The night before my departure I had a little more wine than normal, was a little looser, felt relaxed and comfortable in the shifting night air. Nika was as beautiful as always, her hair shimmering and dancing as she walked from table to table. Something happened inside me, some pressure building from years of suppression, some feeling moving, circulating through me. I felt strong and tall and handsome and sure of myself. I don’t know if it was the wine, the sparkling Aegean, the totality of the scene but some man inside was reaching up through the hard shell of my nothingness, my carefully constructed wall of anonymity, and forcing me to think and…act.
Nika swirled by on her way to a table past me and I reached out and slightly grabbed her elbow, the first time I had touched her, and redirected her to my table. She was surprised but a smile stayed in place as she turned to me. “Yes?” Nika said. A million cascading thoughts in my head all fought for dominance and passage out, elbowing and scrambling to get in the lead. My face, I hoped, betrayed none of this.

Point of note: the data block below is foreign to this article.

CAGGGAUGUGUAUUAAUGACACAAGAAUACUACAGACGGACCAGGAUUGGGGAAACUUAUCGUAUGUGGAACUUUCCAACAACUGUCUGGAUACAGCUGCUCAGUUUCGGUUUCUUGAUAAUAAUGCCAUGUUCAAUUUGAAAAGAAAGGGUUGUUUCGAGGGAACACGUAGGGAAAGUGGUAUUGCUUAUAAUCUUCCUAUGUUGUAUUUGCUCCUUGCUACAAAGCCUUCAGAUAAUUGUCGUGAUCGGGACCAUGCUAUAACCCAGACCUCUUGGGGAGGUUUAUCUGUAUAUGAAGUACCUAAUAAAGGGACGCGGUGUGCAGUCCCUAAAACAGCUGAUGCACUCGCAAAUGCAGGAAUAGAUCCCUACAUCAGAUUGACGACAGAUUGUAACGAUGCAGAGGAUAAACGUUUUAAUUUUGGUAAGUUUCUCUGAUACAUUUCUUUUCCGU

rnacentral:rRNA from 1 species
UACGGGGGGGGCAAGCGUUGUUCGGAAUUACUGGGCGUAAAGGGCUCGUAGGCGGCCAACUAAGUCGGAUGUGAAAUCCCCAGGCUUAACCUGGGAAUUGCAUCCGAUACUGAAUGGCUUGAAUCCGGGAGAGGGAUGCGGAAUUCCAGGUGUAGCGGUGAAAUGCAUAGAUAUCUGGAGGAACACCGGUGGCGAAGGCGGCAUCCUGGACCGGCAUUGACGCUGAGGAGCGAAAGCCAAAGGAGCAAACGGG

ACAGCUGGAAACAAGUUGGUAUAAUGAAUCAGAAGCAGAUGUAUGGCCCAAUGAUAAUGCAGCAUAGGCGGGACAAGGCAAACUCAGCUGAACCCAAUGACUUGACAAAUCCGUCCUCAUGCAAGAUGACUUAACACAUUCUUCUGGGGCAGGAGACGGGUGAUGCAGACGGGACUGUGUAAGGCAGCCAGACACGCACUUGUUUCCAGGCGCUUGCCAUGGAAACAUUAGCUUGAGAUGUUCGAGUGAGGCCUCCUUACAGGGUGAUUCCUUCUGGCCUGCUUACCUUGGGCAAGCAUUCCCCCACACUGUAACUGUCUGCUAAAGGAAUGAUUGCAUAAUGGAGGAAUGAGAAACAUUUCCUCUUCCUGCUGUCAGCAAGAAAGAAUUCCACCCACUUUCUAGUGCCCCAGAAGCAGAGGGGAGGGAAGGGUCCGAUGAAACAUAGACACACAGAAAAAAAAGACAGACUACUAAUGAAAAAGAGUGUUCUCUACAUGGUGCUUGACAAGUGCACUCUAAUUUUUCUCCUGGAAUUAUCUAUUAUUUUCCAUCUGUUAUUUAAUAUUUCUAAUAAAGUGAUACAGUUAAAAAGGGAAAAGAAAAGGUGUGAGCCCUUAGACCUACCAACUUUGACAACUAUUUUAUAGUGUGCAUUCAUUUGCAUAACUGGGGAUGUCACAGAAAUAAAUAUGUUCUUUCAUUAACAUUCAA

“Nika, I just want to thank you for being such a lovely hostess and taking care of me these past weeks. You’ve been very attentive and caring and for that I am very appreciative.” I started, she looked at me with slightly wider eyes, an upturned smile, “My name is Patrick, by the way, and I live and work in New York City in America, I work in the financial sector and have an office on the 18th floor of a large building downtown.” I was on a roll, these were the most words I have ever spoken to a woman in my life…and I was speaking confidently, smiling…I continued, “I have a small apartment in the village, er, sorry, that’s Greenwich Village, that has plenty of room as there is only me and a cat named Fiona.” It was unbelievable, the words just naturally flowed, something that has never happened to me before, thoughts and sentences magically formed in my mind and came out intact, amazing, I went on, “Fiona likes to think she is the owner but I have yet to see her pay a bill so I claim dominance as far as that’s concerned. The street where I live is very quaint with cafes and restaurants, much like this one, scattered up and down the block. I think you would find it nice there, I think you would like it a lot there…” What was I doing? Where was I heading with this? Other diners were starting to take notice.